Intel Announces Curie: Tiny Module for Wearablesby Stephen Barrett on January 7, 2015 11:31 AM EST
Yesterday, Intel announced a new module targeted to wearable technology: Intel Curie. This module continues Intel's push into IoT and wearable technology started with the Intel Edison. While we thought Edison was small, at just above the size of a US postage stamp, Curie goes even further. Intel has not revealed exact dimensions, but the overall package appears to be the size of a US dime, or small button. The circular PCB shape is also fairly unique and novel. Curie is so small it could theoretically be integrated into rings.
Despite its size, Curie packs in a reasonable amount of functionality. Curie is headlined by a new SoC Intel claims is their first purpose-built for wearables: the Quark SE. Curie was only just announced so we do not have complete specifications yet but I have compiled what is available.
|Intel Curie||Intel Edison Development Platform|
|CPU||Quark SE @ ? MHz||Dual-Core Silvermont Atom @ 500MHz +
Quark @ 100MHz
|RAM||80kB SRAM||1GB LPDDR3 (2x32bit)|
|WiFi / BT||"BT Low Energy"||2.4/5GHz 802.11a/b/g/n, BT 4.0|
|Storage||384kB flash||4GB eMMC|
|I/O||Battery charging PMIC||SD + UART + SPI + GPIO + USB 2.0 OTG|
|OS||Open source Real-Time OS||Yocto Linux v1.6 (CPU)
Open source Real-Time OS (MCU)
|Dimensions||Approx. US dime
|35.5 x 25 x 3.9 mm|
|Sensors||Integrated DSP sensor hub with pattern matching 6-axis combo sensor (accelerometer and gyroscope)||-|
Intel did not specify if the Bluetooth antenna was built into the PCB or needs to be added on. As Curie integrates sensors and a battery charging PMIC directly whereas Edison provides interfaces to connect to those same features, it is clear Intel designed Curie to be stand alone. Therefore, accounting for the other hardware that needs to be built around Edison, the size difference grows.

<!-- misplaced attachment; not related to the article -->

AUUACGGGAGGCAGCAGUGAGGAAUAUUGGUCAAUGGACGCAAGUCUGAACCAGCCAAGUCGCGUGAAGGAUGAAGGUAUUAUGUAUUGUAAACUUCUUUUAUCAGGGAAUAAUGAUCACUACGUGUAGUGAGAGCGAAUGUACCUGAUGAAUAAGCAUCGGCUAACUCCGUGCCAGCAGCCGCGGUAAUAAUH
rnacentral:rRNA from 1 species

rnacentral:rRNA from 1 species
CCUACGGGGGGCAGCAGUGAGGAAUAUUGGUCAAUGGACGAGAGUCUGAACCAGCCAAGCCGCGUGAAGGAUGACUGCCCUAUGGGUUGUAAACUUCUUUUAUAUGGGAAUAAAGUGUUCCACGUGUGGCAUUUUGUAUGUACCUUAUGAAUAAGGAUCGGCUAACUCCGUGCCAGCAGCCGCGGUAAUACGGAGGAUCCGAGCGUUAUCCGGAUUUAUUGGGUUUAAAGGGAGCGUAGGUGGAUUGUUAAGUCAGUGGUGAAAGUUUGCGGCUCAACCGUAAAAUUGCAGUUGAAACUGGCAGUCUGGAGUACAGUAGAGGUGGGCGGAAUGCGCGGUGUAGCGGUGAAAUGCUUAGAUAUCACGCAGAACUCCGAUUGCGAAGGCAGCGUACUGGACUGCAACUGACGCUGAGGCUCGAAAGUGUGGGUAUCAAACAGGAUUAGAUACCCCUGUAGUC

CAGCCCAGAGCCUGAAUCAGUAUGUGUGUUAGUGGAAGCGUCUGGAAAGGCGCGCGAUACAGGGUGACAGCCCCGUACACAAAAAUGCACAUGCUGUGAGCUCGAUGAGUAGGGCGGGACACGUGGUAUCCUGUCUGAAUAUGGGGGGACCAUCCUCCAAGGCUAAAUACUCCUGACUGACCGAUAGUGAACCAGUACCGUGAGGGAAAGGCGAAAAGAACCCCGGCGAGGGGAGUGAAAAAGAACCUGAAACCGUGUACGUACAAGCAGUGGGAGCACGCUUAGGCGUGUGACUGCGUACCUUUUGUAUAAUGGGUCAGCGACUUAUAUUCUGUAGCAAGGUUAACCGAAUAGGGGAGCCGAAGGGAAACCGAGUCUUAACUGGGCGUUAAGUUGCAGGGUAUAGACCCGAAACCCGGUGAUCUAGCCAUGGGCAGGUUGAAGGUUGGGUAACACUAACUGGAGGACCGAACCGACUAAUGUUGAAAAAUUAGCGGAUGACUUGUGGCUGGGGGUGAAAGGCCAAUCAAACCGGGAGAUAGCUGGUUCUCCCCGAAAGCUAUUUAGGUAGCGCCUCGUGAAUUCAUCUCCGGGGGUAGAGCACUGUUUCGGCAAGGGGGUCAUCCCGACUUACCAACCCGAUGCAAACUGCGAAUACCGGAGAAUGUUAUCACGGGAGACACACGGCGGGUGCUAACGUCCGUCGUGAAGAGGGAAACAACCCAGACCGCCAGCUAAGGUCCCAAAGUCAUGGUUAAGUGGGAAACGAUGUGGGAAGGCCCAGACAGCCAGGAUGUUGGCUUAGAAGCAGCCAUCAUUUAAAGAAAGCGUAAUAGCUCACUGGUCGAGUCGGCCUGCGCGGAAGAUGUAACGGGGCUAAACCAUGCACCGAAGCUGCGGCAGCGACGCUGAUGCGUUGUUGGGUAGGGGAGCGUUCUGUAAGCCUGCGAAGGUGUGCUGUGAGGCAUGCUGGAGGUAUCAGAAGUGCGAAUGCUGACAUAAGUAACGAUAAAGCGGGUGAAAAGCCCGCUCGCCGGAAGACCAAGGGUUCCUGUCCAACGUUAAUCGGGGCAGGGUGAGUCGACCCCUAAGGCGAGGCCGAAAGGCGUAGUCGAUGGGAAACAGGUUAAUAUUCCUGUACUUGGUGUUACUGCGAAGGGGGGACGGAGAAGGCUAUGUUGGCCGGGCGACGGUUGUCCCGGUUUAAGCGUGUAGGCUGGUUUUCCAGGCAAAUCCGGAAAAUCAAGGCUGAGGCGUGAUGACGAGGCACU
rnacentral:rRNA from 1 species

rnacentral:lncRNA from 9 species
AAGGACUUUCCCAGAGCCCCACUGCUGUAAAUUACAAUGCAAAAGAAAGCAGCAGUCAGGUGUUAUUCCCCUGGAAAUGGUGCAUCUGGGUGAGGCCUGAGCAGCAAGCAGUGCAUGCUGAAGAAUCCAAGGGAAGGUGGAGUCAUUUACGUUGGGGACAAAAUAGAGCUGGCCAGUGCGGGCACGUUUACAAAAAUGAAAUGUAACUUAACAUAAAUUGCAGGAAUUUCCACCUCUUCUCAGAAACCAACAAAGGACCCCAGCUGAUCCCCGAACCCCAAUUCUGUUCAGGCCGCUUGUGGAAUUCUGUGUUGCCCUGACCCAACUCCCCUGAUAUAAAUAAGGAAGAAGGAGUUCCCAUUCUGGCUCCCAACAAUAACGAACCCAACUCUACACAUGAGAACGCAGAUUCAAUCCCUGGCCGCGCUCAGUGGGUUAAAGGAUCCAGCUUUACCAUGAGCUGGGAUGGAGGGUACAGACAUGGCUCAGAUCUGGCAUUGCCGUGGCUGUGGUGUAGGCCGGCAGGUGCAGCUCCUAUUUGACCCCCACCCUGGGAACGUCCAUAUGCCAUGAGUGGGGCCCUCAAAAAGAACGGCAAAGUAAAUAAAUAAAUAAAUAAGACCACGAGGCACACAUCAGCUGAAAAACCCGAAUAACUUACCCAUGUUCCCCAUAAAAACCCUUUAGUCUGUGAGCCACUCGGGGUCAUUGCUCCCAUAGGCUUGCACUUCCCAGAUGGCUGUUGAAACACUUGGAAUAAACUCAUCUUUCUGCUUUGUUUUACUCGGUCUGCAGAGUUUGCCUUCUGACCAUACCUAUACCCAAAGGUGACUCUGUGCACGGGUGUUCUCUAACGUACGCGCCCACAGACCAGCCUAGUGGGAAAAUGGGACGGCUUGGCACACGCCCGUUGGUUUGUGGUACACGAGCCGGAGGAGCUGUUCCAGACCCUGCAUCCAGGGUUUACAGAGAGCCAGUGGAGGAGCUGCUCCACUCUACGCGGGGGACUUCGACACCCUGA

Intel's Curie does not include an applications processor and instead relies entirely on the MCU. This may seem limiting compared to powerful Galaxy Gear or Android Wear devices, but there are many devices such as Fitbit and even the Microsoft Band that also exclude an applications processor. This should enable Curie to be exceptional for battery life, however Intel provided no power consumption figures.
Curie will ship in 2H 2015 and be bundled with Intel IQ Software Kits. Intel IQ is a set of algorithms, device software, smartphone apps, and cloud integration (management, analytics, user and company portals) and breaks down into two components: Body IQ and Social IQ with corresponding biometric and connectivity focuses.
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Stephen Barrett - Wednesday, January 7, 2015 - linkIt is x86 though. Its an x86 MCU. It uses the Pentium ISA. See Anand's piece on Quark: http://www.anandtech.com/show/7387/intel-announces...
Stephen Barrett - Wednesday, January 7, 2015 - linkand MCU and CPU are not mutually exclusive. An MCU is an SoC with a CPU inside it. But that CPU doesn't have an MMU so its not an AP.
Acronym soup :)
ddriver - Wednesday, January 7, 2015 - linkIt is not acronym but abbreviation. NASA is an acronym, as it is pronounced nasa, CIA is an abbreviation since it is pronounced si ay ey, not sia ;)
soydeedo - Wednesday, January 7, 2015 - linkUh...no.
ddriver - Wednesday, January 7, 2015 - linkThou shall try to make use of the schooling ;) It is never too late to finally learn what acronym actually means.
easp - Thursday, January 8, 2015 - linkddriver, I think your schooling led you astray. Both NASA and CIA are acronyms. They are both also, arguably, abbreviations, in that an acronym is a way that phrases are abbreviated into words.
ddriver - Thursday, January 8, 2015 - linkhttp://en.wikipedia.org/wiki/Acronym
kaix2 - Wednesday, January 7, 2015 - linkyou can't be serious..
woggs - Wednesday, January 7, 2015 - linkyes he is.
DanNeely - Wednesday, January 7, 2015 - linkQuark is an x86 product; other versions have been available since late 2013. It uses the Pentium 1 instruction set; but the block diagram Intel has published indicates that it's built around a modified 486 core not the P54 used in early Pentiums. The specs for this model indicate that it's a microcontroller; not something you could run a conventional OS on.